ALREADY a safe blue ribbon seat, Bateman’s notional Liberal margin was strengthened even further following the 2015 redistribution of State electoral boundaries and currently sits at 23.1 per cent.
The electorate has been realigned on a north south axis, with the western boundary of the former Alfred Cove now cut off at North Lake Road and extending down all the way to Somerville Boulevard.
The safest Liberal seat in metropolitan Perth was the subject of a fierce pre-selection battle between incumbent Matt Taylor and Alfred Cove MLA Dean Nalder, with the former Transport Minister eventually winning out.
Senior Notre Dame lecturer and former in-house legal counsel for Austal Ships Tomas Fitzgerald will contest the seat for Labor running on a platform of better employment opportunities, health and education services within the electorate.
Long-time community sector servant Adie Wilmot, who holds degrees in sustainable development and psychology and wants to see greater transparency and integrity in Government, represents the Greens.
With the Canning Bridge Activity Centre in the midst of a transition to higher residential density, the decision making power of development assessment panels, rather than local councillors, is a particularly hot topic for the northern end of the electorate.
Liberal Party: Dean Nalder
Greens WA: Adie Wilmot
Labor Party: Tomas Fitzgerald
What do you view as the major election issues both for your electorate and Perth/the State as a whole?
Nalder: Generally speaking, Bateman voters are worried about the same big issues facing the state. Job security and the economy are top of mind as we weather the challenges of the resources sector moving from construction to operations. So job creation must be our top priority. The Liberal Party has a much stronger track record of supporting small business, protecting jobs and growing the economy. I’ve also always had a strong focus on local issues like crime, traffic congestion and better schools.
Wilmot: People in Bateman are telling me that they are concerned about job security, quality education and the Perth Freight Link. Some are worried about climate change and many feel they can’t trust their politicians and feel disenfranchised from the political process. The Greens have a positive vision for WA that is resonating with these community concerns. We are the only party with a fully costed plan to transition WA to 100 per cent renewable energy by 2030 creating approximately 12, 000 new jobs a year in the renewable energy industry. We want to immediately halt Roe-8 construction and support the Kwinana Outer Harbour, with freight by rail, as the alternative. We want a modern, clean, green city: with a quality, public transport system.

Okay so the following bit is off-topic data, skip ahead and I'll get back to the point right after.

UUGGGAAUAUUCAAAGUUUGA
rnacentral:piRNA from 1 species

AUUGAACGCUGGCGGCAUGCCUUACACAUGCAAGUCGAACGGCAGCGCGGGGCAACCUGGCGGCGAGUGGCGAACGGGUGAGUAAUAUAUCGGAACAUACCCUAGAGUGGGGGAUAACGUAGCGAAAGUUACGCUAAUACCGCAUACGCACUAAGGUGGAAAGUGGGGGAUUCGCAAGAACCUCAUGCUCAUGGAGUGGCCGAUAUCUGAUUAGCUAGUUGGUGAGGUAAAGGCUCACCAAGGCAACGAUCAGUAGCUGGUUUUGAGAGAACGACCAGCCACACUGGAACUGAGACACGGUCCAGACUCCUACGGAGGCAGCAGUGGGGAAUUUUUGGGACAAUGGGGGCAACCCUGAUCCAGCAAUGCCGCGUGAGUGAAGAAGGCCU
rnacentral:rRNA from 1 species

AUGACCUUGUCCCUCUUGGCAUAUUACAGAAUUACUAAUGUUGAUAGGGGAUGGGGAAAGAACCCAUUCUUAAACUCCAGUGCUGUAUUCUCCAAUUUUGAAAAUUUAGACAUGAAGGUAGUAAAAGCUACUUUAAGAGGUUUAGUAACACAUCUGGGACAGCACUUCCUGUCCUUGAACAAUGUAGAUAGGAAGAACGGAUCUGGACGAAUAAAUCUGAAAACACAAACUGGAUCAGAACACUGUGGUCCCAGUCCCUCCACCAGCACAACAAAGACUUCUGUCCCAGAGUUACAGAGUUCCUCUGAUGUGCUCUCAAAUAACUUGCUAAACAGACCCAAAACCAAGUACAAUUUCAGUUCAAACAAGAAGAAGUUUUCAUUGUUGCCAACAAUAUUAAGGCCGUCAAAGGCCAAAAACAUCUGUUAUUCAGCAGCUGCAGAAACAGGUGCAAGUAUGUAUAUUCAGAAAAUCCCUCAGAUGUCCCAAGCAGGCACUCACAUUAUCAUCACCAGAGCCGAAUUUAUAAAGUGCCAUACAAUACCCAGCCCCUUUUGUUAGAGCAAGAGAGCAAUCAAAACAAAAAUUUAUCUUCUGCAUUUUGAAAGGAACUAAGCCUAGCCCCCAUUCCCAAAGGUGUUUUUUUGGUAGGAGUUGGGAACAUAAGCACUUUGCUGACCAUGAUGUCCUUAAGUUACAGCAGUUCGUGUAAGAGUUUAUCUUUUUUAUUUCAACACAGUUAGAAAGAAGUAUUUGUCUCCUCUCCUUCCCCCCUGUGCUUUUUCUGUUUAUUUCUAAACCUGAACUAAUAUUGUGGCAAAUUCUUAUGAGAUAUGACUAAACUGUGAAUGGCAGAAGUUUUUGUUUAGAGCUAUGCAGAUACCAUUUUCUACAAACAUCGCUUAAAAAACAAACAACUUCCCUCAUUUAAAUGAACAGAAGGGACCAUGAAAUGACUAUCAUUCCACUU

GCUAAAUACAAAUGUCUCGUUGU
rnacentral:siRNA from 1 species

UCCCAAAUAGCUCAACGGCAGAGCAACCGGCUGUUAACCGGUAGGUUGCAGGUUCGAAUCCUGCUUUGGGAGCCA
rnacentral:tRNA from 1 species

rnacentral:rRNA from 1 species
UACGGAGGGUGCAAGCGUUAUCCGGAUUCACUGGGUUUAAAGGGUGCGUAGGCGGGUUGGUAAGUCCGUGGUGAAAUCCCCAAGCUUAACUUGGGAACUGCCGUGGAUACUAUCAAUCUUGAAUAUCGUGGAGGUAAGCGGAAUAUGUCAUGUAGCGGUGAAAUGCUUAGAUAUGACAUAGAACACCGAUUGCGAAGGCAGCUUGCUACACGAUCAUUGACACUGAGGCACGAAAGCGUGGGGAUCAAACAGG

Fitzgerald: Jobs. Applecross has the highest rate of mortgage arrears in Australia. People are struggling. WA Labor has a plan to mandate local content on government contracts, diversify our economy and end the constant cycle of boom and bust. Labor will drive more local manufacturing and deliver more local jobs. The second issue is trust. The Liberals went to the last two elections promising rail projects. They did not deliver. Now they’re making the same promise again. They are playing the public for mugs. Only WA Labor has a track record on delivering the public transport infrastructure we need to fight congestion and deliver long-term jobs. Similarly, their claim that Roe 8 will address congestion is incredible. If your plan to fix congestion is to build more highways, you don’t have a plan to fix congestion.
Recent major projects approved by Development Application Panels (DAPs), such as the Reynolds Road McDonald’s and 21 Kishorn Road, have angered some local residents. Does the DAP system need to be reassessed?
Nalder: I understand local residents feel they’ve been let down because the development outcomes don’t match what was put forward in the consultation phase. We all want development because that means more jobs but it must be sensitive to the needs of the local community. I have urged the council to consider our State Planning Policy that sets out a range of design principles to deal with these issues, including how the development fits in to the local community. The bottom line for me is that we get the balance right. If we can’t get that, then I would support reassessment of the DAP system.